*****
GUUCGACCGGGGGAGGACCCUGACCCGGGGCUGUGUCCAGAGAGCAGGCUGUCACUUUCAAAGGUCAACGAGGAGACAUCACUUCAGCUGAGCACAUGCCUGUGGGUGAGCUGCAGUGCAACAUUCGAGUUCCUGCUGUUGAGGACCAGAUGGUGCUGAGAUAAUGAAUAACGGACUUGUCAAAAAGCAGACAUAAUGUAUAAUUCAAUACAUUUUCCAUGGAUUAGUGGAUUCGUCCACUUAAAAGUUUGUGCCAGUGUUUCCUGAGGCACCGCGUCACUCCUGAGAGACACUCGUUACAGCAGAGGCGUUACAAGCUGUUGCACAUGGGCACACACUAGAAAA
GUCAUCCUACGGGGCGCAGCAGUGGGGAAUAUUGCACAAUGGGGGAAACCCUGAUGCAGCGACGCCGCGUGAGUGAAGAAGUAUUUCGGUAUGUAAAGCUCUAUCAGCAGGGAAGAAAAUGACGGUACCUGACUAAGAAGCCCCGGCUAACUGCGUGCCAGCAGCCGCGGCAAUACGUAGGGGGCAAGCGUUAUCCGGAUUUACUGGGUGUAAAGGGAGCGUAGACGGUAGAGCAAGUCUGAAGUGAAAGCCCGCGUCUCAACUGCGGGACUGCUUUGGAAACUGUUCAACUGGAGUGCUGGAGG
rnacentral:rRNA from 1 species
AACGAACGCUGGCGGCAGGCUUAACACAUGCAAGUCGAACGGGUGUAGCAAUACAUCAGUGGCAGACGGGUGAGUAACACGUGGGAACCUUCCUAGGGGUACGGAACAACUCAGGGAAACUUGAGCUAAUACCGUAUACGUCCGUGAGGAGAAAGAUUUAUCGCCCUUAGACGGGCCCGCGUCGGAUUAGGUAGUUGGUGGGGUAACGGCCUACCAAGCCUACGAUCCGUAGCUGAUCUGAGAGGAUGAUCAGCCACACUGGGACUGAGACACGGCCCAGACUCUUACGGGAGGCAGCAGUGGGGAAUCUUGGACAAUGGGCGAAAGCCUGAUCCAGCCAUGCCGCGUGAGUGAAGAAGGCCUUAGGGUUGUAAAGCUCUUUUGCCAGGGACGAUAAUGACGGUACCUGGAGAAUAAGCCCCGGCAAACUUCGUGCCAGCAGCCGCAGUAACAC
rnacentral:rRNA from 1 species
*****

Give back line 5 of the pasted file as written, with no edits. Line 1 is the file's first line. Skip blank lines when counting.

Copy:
rnacentral:rRNA from 1 species